One thing I might look for is if in it's present location…Is it sucking hot air from somewhere else like the bilge, thus adding heat load…This would make the differential lower (below 15 degrees)…So when taking your TD measurement…Be sure your thermometer is right in front of the evaporator coil and not out in the room.

Without knowing operating pressures at a given cabin & water temp…It's going to be hard to speculate much further, but I still say your comment about icing after awhile points to lack of air flow…But that should show in your TD measurements as a High TD (above 18 degrees)

Loss of refrigerant is another story…But a simple test is to feel the tubing as it exits the evaporator on it's way back to the compressor after about 5 mins of operation…It should be Beer Can Cold & sweating…but not frosty…Frosty means loss of refrigerant or as we already said…Lack of air flow…Beer Can Cold at that point is usually a pretty good indication that the system is fully charged.

Steve~

January 9, 2010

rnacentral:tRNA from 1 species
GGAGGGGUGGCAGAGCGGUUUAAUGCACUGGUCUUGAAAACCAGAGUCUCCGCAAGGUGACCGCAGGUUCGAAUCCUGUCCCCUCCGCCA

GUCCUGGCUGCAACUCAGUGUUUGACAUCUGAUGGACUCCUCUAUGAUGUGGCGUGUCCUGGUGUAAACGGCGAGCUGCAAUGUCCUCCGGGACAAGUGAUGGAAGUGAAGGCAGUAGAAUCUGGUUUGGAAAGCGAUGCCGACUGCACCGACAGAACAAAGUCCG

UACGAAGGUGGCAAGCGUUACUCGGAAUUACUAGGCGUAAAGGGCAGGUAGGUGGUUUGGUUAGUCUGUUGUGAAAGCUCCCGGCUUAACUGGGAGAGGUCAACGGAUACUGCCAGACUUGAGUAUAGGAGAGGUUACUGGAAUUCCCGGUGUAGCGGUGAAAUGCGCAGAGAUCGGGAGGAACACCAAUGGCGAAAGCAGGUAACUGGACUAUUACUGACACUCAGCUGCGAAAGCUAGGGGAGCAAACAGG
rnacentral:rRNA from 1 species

11:44 am
Sand Dollar
Guest
Guests

Thanks for the prompt reply! I'm really liking this site.

I located the unit at the low point in the cabin of the boat. On an F32 the salon is up and you go down 3 steps into the galley, dinette, head, and V birth. The unit is installed under the lower station across from the galley, and there is plenty of room for air to circulate in the compartment.

Originally the ducts were set up with one going to the V birth, another in the dinette, and one in the salon, exiting about half way from the floor & ceiling on the stb. side. Quickly saw that this was not working, so I re routed the duct form the dinette to the floor in the salon under the lower station blowing out into the salon. Both air flows seem to get to the ceiling, but still can't keep up.

In any number of conversations with Flagship, they say that the unit is working fine because the difference in the room temp, and the cold air discharge is 15 to 20 degrees.